The Academic Instruction Implementation Team is working with Housing and Dining Services on the best approach to first-year cohorts; more information will be available later this summer. Cohort design will vary depending on the academic experience and living environment. Our goal is to have students with common academic interests and common courses share living spaces, such as the floor of a residence hall.
We anticipate that smaller academic cohorts may vary from 25 to 150 students depending on academic interests and the courses in which students are enrolled. Smaller cohorts will exist within a larger cohort that, in most cases, will represent the residence hall.
Breaking large student networks, in which students take classes across multiple student groups, into smaller student networks taking the same group of courses can reduce the risk of transmitting COVID-19. Academic cohorting will also help create for our first-year students the natural cohorts that tend to emerge for upperclassmen as they move into upper-division courses specific to their majors.
First-year students will take courses that promote their academic progress, including general education requirements and major requirements. They will also have an opportunity to schedule elective courses, primarily as online options, outside of their cohort.
The cohort model provides a smaller, residential college experience within a larger university setting and will allow first-year students to start off strong, complete required courses and work toward earning their degrees while staying safe on campus.
Yes. The university is committed to equitable remote options for vulnerable/at-risk populations and meeting the needs of students whose health or personal circumstances require them to learn remotely. A foundational principle of our Academic Implementation Team is ensuring the university will offer enough fully remote and/or online options that students who cannot attend courses in person can make progress toward their degrees. However, not every course will be offering remote instruction, and this might require a fully remote student to choose different classes.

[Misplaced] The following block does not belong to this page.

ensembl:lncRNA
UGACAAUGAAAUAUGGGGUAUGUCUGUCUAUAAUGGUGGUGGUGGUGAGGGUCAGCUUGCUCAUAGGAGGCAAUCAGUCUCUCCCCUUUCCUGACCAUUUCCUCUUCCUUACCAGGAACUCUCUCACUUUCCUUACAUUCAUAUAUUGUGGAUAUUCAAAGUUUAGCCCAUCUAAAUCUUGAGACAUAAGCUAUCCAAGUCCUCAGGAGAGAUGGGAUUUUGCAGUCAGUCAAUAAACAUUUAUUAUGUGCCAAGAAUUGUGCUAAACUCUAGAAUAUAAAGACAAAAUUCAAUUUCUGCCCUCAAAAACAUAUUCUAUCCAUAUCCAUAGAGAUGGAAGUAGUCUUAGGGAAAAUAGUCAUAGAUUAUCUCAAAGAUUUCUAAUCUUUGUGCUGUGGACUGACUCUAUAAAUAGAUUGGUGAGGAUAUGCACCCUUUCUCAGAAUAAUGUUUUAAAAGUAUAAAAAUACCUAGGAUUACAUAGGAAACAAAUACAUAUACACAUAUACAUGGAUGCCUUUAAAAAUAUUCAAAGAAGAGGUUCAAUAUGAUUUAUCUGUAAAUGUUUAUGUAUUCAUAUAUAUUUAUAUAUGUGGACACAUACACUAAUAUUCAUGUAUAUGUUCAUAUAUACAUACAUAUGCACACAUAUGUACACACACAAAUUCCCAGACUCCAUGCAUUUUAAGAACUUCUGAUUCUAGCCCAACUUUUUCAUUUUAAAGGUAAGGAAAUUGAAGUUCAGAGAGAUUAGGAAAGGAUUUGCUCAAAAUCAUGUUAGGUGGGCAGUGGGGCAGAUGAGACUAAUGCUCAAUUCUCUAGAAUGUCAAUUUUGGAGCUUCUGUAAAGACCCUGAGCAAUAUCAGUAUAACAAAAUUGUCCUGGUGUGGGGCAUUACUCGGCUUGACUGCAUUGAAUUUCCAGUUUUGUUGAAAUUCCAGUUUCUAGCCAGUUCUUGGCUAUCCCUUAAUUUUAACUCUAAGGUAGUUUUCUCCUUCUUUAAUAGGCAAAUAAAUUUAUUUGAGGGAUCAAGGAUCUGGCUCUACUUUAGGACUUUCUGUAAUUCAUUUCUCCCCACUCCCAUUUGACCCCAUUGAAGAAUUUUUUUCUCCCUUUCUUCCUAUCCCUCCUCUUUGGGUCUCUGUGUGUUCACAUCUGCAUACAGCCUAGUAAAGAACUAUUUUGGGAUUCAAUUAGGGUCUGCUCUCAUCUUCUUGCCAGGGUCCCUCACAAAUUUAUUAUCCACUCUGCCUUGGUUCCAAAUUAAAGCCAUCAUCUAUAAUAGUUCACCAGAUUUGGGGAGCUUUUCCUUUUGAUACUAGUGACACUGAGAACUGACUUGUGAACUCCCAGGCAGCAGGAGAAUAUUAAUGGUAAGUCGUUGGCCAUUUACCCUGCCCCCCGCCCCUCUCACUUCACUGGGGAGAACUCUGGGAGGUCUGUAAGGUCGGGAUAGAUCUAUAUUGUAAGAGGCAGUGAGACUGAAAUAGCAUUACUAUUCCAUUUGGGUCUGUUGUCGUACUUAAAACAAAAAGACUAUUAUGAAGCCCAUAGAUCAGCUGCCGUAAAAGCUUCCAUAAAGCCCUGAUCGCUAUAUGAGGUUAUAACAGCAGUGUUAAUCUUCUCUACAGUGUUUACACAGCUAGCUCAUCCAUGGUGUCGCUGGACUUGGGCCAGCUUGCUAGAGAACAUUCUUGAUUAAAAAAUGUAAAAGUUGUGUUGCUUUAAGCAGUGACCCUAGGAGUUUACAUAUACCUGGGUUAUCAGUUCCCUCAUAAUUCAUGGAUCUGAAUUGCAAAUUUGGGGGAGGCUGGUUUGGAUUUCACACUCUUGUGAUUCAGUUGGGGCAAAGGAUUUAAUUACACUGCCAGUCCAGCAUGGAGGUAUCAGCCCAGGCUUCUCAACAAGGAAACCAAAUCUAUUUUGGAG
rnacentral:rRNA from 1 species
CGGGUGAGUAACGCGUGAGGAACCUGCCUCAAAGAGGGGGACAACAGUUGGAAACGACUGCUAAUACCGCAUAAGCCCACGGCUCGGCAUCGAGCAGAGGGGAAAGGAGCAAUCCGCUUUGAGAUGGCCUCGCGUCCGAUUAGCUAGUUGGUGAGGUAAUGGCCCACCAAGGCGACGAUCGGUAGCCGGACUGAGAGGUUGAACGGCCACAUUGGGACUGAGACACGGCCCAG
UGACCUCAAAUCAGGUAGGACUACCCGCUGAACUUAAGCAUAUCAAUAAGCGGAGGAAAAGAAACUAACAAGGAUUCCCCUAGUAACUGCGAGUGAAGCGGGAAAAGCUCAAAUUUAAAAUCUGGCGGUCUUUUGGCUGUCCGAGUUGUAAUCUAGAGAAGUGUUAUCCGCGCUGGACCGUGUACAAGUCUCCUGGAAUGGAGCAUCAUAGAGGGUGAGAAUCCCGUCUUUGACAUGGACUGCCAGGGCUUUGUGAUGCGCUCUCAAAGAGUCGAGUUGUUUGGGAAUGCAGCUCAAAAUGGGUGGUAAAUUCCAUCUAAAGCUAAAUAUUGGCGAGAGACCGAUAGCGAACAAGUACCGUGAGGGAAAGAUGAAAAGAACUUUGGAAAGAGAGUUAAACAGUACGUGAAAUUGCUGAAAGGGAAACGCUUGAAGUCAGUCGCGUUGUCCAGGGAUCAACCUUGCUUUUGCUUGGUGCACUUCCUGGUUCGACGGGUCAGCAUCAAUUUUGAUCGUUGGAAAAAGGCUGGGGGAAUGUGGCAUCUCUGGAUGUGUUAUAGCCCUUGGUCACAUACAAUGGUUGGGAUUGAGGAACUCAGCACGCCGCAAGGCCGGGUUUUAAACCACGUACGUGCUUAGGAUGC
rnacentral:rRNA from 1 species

Yes. Fall break will be shortened to Thursday and Friday only, with classes continuing through the Wednesday before Thanksgiving. After fall break, all classes will be remote (synchronous) or online (asynchronous) through the end of the semester.
The blend of in-person, hybrid, remote and online courses that will be offered in fall 2020 will not diminish the quality and value of a degree from CU Boulder.
The main criteria for our courses remain the same whether they are taught in person, online or remotely: Our courses must involve regular and substantive instructor interaction with students. With remote and online teaching, faculty and instructors are still able to:
Provide regular instruction and interact regularly with students
Provide full and substantive assessments and regular feedback on students’ coursework
Be proactive and available in providing information or responding to students’ questions about the content of the course
Faculty continue to incorporate into their courses best practices for teaching and learning in various teaching modalities
In addition, the Center for Teaching & Learning has partnered with Continuing Education, the Office of Information Technology and the Office of Academic Innovation to offer workshops and provide resources and individual consultations for faculty on effective, evidence-based practices for remote and online teaching.
We are also prioritizing classes for in-person delivery whose academic outcomes are difficult to achieve virtually (e.g., computer labs, performance classes, studios).
Finally, the Boulder campus is going to great lengths to modify our campus operations in a way that will allow us to safely provide on-campus experiences for our students. The Boulder campus continues to make significant investments in our COVID-19 health and safety infrastructure to provide a safe learning and working environment for our students, staff and faculty.
Degree-seeking students have the opportunity to add, drop or swap classes during the schedule adjustment period (Aug. 3–9), with access available for all students during open enrollment (starts Aug. 10).
The Center for Teaching and Learning (CTL) and the Office of Information Technology (OIT) are continuing their intensive work to expand technology supports for all teaching methods. OIT is creating a website to feature the technologies available now and what will be available this fall, along with descriptions of the support available.
As a university, we recognize our responsibility to continually monitor our progress and adjust our plans as needed in response to changes in the environment and in the spread of COVID-19. Use the COVID-19 Updates site to stay on top of announcements.